In this “captivating and exquisite” (Kirkus Reviews, starred review) sequel to the Pura Belpré Award–winning I Lived on Butterfly Hill, thirteen-year-old Celeste Marconi returns home to Chile and after the dictator is removed, and makes it her mission to rebuild her community and find those who are still missing.
During Celeste Marconi’s time in Maine, thoughts of the brightly colored cafes and salty air of Valparaíso, Chile, carried her through difficult, homesick days. Now, she’s finally returned home to find the horrible years of the dictatorship has left its mark on her once beautiful and vibrant community.
Determined to help her beloved Butterfly Hill, she encourages and joins her neighbors in fighting to regain what they’ve lost. But more than anything, Celeste wishes she could find her best friend, Lucilla, who was one of thousands of people who “disappeared” during the dictatorship, who hasn’t been heard from in over a year. She joins protests for information, but the trail seems cold—until she receives a letter that changes everything.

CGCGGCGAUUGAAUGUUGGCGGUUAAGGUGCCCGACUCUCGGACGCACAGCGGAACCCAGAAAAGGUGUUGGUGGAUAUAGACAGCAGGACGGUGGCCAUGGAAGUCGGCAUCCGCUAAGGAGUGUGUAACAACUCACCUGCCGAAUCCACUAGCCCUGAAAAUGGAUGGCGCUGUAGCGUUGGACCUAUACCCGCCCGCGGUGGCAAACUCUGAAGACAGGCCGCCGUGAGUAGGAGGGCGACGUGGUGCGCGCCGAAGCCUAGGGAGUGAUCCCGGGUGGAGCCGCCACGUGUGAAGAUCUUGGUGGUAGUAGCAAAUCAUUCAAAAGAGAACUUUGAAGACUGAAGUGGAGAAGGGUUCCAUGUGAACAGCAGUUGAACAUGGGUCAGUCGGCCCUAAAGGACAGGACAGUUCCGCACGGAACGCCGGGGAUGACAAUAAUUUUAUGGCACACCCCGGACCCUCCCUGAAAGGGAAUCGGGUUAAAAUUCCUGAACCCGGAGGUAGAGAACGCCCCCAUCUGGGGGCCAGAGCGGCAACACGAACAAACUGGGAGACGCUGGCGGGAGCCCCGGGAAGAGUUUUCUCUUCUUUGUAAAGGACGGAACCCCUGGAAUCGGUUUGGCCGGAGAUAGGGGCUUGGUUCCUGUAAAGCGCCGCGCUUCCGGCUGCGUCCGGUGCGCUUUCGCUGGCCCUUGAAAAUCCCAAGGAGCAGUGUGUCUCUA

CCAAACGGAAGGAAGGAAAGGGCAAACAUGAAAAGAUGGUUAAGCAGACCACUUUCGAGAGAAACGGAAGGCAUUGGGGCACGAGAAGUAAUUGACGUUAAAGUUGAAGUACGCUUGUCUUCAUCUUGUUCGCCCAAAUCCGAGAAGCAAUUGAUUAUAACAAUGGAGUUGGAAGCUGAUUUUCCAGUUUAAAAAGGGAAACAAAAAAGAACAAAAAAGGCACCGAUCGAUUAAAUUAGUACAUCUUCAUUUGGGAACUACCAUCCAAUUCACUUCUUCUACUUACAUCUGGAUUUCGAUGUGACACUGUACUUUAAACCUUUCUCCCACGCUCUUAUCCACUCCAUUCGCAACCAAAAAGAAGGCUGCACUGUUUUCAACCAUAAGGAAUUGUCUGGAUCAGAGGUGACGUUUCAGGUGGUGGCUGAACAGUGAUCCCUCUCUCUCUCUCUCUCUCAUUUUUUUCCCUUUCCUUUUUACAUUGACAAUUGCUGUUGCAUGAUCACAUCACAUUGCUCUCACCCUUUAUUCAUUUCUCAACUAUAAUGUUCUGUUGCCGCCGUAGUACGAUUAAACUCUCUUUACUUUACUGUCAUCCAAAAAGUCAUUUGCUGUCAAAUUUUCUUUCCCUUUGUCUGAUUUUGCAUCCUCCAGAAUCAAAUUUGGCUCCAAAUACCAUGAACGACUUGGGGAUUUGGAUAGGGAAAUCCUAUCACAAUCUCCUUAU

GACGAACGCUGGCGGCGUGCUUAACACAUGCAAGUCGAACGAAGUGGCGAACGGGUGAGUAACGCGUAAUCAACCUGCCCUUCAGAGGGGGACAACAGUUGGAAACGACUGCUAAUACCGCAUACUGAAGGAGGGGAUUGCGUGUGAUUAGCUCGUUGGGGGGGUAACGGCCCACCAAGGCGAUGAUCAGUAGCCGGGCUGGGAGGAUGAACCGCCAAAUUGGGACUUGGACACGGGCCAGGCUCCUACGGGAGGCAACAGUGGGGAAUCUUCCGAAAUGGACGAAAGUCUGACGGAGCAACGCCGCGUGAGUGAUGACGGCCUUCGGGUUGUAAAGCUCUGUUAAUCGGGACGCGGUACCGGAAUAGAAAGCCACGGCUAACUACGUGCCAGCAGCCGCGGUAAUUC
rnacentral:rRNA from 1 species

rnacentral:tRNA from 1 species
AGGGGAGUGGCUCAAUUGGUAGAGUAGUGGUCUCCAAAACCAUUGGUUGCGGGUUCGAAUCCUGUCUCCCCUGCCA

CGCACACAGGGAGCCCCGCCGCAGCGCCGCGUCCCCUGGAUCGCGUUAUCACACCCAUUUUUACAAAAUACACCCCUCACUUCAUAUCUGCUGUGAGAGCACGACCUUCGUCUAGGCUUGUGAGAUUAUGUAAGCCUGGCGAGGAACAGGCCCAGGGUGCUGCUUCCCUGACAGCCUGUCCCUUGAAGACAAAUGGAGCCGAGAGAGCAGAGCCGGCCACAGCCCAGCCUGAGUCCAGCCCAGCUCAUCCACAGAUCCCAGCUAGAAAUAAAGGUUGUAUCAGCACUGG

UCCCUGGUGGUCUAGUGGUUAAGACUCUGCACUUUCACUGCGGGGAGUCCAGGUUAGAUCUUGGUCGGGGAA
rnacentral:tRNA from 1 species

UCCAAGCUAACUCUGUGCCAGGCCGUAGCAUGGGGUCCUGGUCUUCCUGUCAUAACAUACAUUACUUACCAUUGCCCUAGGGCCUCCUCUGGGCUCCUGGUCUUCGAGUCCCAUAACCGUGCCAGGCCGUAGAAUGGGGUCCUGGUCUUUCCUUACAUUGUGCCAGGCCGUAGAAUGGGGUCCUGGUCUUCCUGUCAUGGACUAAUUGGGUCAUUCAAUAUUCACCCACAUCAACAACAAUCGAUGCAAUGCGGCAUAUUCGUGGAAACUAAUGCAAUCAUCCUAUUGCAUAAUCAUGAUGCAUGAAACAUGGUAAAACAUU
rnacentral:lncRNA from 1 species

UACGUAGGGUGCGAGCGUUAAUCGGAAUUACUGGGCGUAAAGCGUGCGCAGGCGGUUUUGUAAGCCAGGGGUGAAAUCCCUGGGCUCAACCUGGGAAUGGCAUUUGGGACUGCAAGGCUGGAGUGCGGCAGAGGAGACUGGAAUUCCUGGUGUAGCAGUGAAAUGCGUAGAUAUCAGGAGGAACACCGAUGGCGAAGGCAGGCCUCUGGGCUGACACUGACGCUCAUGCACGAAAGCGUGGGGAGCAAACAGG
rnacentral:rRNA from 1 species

This sets Celeste off on her biggest adventure yet, where she’ll uncover more heartbreaking truths of what her country has endured. But every small victory makes a difference, and even if Butterfly Hill can never be what it was, moving forward and healing can make it something even better.
Marjorie Agosín is the Pura Belpré Award–winning author of I Lived on Butterfly Hill and The Maps of Memory. Raised in Chile, her family moved to the United States to escape the horrors of the Pinochet takeover of their country. She has received the Letras de Oro Prize for her poetry, and her writings about—and humanitarian work for—women in Chile have been the focus of feature articles in The New York Times, The Christian Science Monitor, and Ms. magazine. She has also won the Latino Literature Prize for her poetry. She is a Spanish professor at Wellesley College.